Our cynical search for success was amplified as BRC decided that we should go straight to the Championships as we were the only team wanting to take part from our area. Forget long and complex qualifying competitions, this is the competition to do! As the reality of what we were throwing ourselves in to began to dawn on us, we asked to have a practice run at the qualifying competition afterall this was a higher standard of dressage than any of us were used to and we had to do it as a team.

Our team changed fairly frequently in the run up to the qualifier, but none of our horses matched one another that well; we had two black horses, a piebald, a skewbald and a chestnut. The more observent of you will have noticed that we did only have five horses and this was something of an issue. We searched high and low for that elusive sixth horse. In the meantime, we had a variety of horses coming and joining us whilst we practiced.

Upon arrival of the competition, we busied ourselves with the important things in life; making sure we were all dressed the same. Perhaps we should have spent more time warming up and less time tying our stocks identically, but in this, appearance is everything. After rereading the test several times and dressing in the identical clothing, we were ready. We found our horses and a spare (Jess borrowed Orange) and it was time to warm up. Whenever we have practiced before, we have been in an arena and it hadn’t really occurred to us how difficult it would be without a marked out space to practice in. For a start, my spacial awareness is terrible; I couldn’t imagine a 20m x 60m area if it jumped up and smacked me in the face. So practicing our half ten metre circles and inclines in medium trot were absolutely impossible with me leading the gang. The harder I tried, the more mishapen and wonky my lines got.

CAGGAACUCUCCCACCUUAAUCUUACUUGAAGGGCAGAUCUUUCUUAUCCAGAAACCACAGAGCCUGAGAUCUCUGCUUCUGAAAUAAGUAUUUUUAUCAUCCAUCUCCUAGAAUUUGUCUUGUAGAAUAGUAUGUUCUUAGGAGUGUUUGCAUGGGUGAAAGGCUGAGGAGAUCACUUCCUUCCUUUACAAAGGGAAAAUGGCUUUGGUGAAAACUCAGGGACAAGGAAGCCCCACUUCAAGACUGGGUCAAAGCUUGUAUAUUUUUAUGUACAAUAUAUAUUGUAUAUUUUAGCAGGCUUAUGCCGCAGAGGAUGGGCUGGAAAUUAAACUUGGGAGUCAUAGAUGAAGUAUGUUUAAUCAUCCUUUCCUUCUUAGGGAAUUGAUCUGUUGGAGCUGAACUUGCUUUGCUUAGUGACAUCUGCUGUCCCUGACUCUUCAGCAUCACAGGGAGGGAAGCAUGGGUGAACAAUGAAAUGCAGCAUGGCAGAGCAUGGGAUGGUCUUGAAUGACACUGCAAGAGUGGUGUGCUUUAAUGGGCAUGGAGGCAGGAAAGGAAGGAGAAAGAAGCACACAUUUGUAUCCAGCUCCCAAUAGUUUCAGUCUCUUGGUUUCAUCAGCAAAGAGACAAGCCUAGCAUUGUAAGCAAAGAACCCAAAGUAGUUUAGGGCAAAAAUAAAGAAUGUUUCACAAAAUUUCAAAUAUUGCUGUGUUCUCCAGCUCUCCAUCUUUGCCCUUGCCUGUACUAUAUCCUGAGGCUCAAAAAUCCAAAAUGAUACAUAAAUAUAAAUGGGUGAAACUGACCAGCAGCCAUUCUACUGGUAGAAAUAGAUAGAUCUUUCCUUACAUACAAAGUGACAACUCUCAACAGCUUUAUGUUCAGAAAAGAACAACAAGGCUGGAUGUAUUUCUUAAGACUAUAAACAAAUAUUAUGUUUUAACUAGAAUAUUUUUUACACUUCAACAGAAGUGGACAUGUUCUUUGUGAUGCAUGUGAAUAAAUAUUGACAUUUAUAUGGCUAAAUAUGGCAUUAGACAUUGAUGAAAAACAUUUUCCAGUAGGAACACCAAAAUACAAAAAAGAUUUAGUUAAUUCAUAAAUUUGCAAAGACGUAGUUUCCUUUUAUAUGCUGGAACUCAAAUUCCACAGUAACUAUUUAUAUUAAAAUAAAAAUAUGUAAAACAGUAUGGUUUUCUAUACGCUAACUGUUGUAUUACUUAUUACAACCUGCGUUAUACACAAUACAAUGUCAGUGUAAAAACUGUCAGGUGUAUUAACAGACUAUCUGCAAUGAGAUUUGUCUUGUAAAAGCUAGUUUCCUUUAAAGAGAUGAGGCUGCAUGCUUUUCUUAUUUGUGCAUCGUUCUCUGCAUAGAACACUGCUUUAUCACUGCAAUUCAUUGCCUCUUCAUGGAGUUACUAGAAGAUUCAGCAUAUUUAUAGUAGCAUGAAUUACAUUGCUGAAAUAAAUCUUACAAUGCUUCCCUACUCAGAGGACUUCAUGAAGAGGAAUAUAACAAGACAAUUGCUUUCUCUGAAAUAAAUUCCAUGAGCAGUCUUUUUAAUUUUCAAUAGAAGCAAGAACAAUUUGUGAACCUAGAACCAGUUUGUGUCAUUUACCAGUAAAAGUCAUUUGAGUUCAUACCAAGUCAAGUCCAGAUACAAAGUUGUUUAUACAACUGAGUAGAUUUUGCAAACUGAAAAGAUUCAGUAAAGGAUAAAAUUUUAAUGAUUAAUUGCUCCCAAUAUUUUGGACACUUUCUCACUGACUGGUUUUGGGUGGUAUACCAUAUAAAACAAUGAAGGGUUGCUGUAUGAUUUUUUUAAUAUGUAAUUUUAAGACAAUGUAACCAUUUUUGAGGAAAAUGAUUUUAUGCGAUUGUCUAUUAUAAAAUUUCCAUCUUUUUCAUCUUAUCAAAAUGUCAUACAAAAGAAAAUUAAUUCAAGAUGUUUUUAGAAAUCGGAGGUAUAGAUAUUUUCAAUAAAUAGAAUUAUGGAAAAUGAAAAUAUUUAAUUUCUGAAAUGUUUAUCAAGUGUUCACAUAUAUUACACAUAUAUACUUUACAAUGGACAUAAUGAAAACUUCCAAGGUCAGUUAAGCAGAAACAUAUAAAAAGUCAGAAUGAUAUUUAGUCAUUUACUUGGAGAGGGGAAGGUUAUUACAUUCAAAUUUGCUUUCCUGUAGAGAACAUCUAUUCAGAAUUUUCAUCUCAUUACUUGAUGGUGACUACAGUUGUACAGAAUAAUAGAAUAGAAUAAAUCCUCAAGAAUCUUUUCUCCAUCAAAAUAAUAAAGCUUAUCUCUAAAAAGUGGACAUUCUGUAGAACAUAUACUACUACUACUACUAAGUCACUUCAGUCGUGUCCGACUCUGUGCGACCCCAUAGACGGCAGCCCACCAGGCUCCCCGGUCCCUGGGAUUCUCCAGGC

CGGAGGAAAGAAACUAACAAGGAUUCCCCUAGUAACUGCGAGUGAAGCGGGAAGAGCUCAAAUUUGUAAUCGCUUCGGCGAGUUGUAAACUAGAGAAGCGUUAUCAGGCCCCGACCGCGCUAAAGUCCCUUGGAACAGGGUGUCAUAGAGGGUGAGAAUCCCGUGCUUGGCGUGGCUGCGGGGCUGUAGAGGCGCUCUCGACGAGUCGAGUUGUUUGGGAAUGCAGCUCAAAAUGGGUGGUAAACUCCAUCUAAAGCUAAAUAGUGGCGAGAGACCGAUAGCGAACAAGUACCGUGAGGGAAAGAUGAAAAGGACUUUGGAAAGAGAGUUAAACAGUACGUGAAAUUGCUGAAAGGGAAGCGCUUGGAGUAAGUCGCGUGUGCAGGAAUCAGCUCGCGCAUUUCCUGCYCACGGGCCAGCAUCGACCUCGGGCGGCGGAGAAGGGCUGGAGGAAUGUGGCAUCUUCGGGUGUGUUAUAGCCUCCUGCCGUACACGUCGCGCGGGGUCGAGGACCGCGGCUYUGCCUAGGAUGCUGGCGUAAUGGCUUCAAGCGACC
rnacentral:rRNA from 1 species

I haven’t mentioned until now that the test itself is 14 minutes long and we were required to do all 14 minutes in sitting trot. Few of us compete at dressage to a high level, so sitting trot is somewhat alien to us and we had decided not to practice it too much until the day so as not to strain our horses backs. (Or that’s what we said anyway.) So with our bladders as empty as they could possibly be and our stomach muscles warned, we attempted that sacred sitting trot. It’s all very well to be able to do some sitting trot when schooling, but my muscles all seem to work against each other, becoming tenser and tenser as I attempt to breathe and look relaxed.

Finally it was time for the test. By this time, most of the people at the competition had gathered to watch our spectacle, (mostly because we looked so bizarre I think.) The two(!) dressage judges arrived and off we went trotting around the arena. We started off slowly (my muscles wouldn’t allow too much speed until they warmed up a little) and soon we were going down the centre line. There was no point being stressed or worrying about how it was going because I only knew what was happening to my horse. There were some exciting moments; most of us cantered across the first medium trot and down one long side we had a clash with the dressage markers, which each horse took great joy in kicking and jumping on. But on the whole, it was ok. I know I have areas to improve on (going backwards in the reinback for a start!) but there were some promising bits and we’ve had so much fun along the way. Lincoln, here we come!

If you fancy a gander at our attempts, they are all on my youtube account, right from the very first training right through to the qualifier. The qualifier can be seen here –> http://www.youtube.com/watch?v=2U58yGiQOgg